Camp Perry: Field of Dreams

  • Tags:

To the general observer, it may look like just a field but it’s so much more. Thousands make the annual pilgrimage to Camp Perry in Port Clinton, Ohio to attend the National Matches, a tradition on the shores of Lake Erie since 1907. Run by the Civilian Marksmanship Program, the matches take place in four phases: pistol, smallbore, rifle, and long range. 

The service rifle matches draw the greatest number of competitors, including juniors (shooters through the year of their 20th birthday), families, and military teams from across the country. After a year off due to the pandemic, shooters were eager to reunite with friends and to share in a tradition over 100 years old. 

This year I attended and competed for the sixth time, though I really don’t count the first two. My first two years I attended clinics designed to both introduce people to marksmanship and service rifle competition and help them to improve their skills. The Small Arms Firing School (SAFS) is a fantastic and economical option for people to learn more about marksmanship and step into the world of service rifle. (SAFS schools are available for pistol and rimfire as well.) Open to all skill levels, coaches from the Army Marksmanship Unit, CMP, and National Guard work one-on-one with students to learn to fire an AR-15 from the standing, sitting, and prone positions from 200 yards. The school comes with a small fee, but ammunition and loaner firearms are included in addition to the world-class training. 

Fun Fact: The Department of Defense first conducted SAFS in 1918 and federal law requires SAFS to be held annually at the National Matches.  

You can scour the internet but nothing can replace being there. No number of pictures, no number of stories, not even videos. In fact, none of them quite do it justice. The experience of shooting at Camp Perry during the National Matches is nothing short of magical. 

Well before sunrise, the base comes alive. A steady stream of cars file in and competitors begin to unpack their gear. Those fortunate enough, or unfortunate enough depending upon how you look at it, to stay on base begin the early morning walk to the range. The mornings are calm and quiet, aside from footsteps, the steady drone of wheels, and the crunch of gravel. Texas, California, Arizona — the license plates in the parking lot speak to the sheer distance people travel to be there.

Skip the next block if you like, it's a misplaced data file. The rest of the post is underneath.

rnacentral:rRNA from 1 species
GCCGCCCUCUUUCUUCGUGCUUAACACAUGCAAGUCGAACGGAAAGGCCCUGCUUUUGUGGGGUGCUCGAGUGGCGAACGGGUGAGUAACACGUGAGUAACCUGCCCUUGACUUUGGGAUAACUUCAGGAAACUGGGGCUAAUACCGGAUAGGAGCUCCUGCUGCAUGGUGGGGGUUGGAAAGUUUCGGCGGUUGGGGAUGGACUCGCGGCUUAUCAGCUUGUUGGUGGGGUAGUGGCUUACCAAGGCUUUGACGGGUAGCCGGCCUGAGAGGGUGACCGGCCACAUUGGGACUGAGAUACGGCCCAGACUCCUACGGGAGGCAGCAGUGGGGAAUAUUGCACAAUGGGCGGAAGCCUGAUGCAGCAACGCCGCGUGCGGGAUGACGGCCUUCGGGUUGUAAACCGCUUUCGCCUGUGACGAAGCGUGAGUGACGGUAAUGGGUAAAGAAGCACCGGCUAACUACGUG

At 0700 hours, a cannon breaks the stillness of the morning and the National Anthem floods over the base. A flock of seagulls rise with the cannon shot, resembling in their haste a sort of wave, complementing the American flag everyone is facing. Their cries somehow complement the song, their shapes silhouetted against the sunrise. When colors are over, the day officially begins, range commands echoing over the loudspeaker.

Everyone has a different reason for attending. For some, it’s just to shoot. Others have more personal goals; others aspire to win and test their metal against the country’s best. The National Matches aren’t just for the top shooters, they are for everyone. They provide an opportunity to learn and connect with like-minded people from across the country on what many consider hallowed grounds. Competing in the National Matches is a near sacred tradition for some. For others it’s a new adventure. No matter your experience level, it soon becomes a part of your heart and soul. 

Scattered up and down the line are dreams, goals, and aspirations, hidden underneath shooting coats, glasses, and baseball caps. Each person carries with them a goal for the day, whether they know it or not. Some are realistic, others aren’t. You learn along the way how to set milestones that highlight your current abilities and spur you to improve. Scores are not the only things that matter. Interacting with others and just being there are enough for many.